As to how Robert Lawn became Robert Layton, I shall quote from the family records prepared by my great grandfather, Dr. Thomas Layton:
"It seems that Robert Lawn resided on the farm (run by Buxton Lawn, his father, and a Lord Faulkstone) or estate and that at the time of the event concerning which I am about to write, he was a young, but honourable boy. One season, after the crops were harvested, some young men, among whom was Robert Lawn ... were sent to a neighboring town or village to dispose of the products of the estate. After selling the crops, these young men began to gamble with the funds thus obtained and Robert Lawn, who was then quite young, although he took no part in the game, yet still remained with his companions who continued to play all night until they had completely squandered the funds received for the sale of the crops. When he found out what had occurred and realized the shameful conduct of his companions, Robert Lawn ... was so deeply mortified and ashamed that he did not return to the farm, and to his Father, but enlisted as a private in the army." (Parenthesis added)
Buxton Lawn "bought" Robert out of the army, and took him back to his mother. Robert did not last long, however. He ran off and re-enlisted, this time under the name "Layton". Our family records claim that a Mrs. Layton was Robert Lawn's aunt, the sister of Buxton Lawn. Robert did not stay in the army long, and shortly thereafter left with a friend and sailed to New York under the name Layton which he maintained the rest of his life. The exact date of this is not at all clear.
The information you have about Robert Lawn Layton essentially conforms to the information we have, except that our records show two additional children of the marriage of Robert and Margaret Hewes: Robert Layton, Jr., born in New Orleans on August 25, 1827, and I believe died in Monroe, La. at an unknown date, and Maria Hewes L, born in New Orleans May 30, 1829, and died in New Orleans Sept. 4, 1832.
We do not have a great deal about Mary Dawson. Apparently her paternal grandfather was Lord Mayor of London. Her father apparently married a "waiting maid" to the Dawson family, which was apparently quite wealthy. The Dawson family strongly disapproved of this marriage, cut off the two, and Mary's parents became linen drapers. For some unknown reason, Mary's parents were not happy with her marriage to Buxton Lawn, and were estranged from her until shortly before she sailed to the United States.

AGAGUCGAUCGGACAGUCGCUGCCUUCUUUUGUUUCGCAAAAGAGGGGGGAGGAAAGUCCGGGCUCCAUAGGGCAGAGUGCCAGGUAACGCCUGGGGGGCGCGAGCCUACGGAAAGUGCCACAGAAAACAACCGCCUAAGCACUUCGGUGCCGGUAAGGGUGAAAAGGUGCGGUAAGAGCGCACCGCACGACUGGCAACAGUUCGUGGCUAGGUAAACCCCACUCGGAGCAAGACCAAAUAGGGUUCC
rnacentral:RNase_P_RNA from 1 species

When GEorge III became incurably ill, his son By Queen Charlotte, the Prince of Wales became regent in 1810. Obviously the children of George by Charlotte were on bad terms with Buxton, who had a valid claim to the throne. When the Prince of Wales became regent, Buxton Lawn was fired as the private secretary of George III and no longer had access to the Court. We do not know whether it was out of fear or for what reason, but shortly thereafter, he left England for New York. Our records state: "Soon after directing his wife and children to meet him speedily in New York,something occurred which required Buxton Lawn'
s immediate return to England." Mary had already set sail for New York with some of their children, when Buxton sailed back to London. Buxton remained in England until his death. Mary remained in the United States the rest of her life.
Mary did not stay long in New YOrk, but in about 1810, she joined her son Robert L Layton in New Orleans. Mary died in New Orleans in 1819.
The children who accompanied Mary to New York were Susan Lawn who died soon after her arrival in New York, Ann Lawn, married to a Mr. Stevens, Joseph Lawn who died in New Orleans in 1818, Mary Lawn who became Mrs. Porter and Eliza Lawn who became Mrs. Ligon.
I have nothing about Mary Lawn after the death of Mr. Porter. In fact, I did not know Mr. Porter's name until I received your message.
Our records indicate that possibly one of Mary Dawson's brothers emigrated to South Carolina. A newspaper article read by Dr. Thomas Layton indicated that a Judge Dawson died and left his estate to the heirs of Mary Dawson Lawn or of Catherine Rives. I have no other details than this.
I hope the above is helpful.
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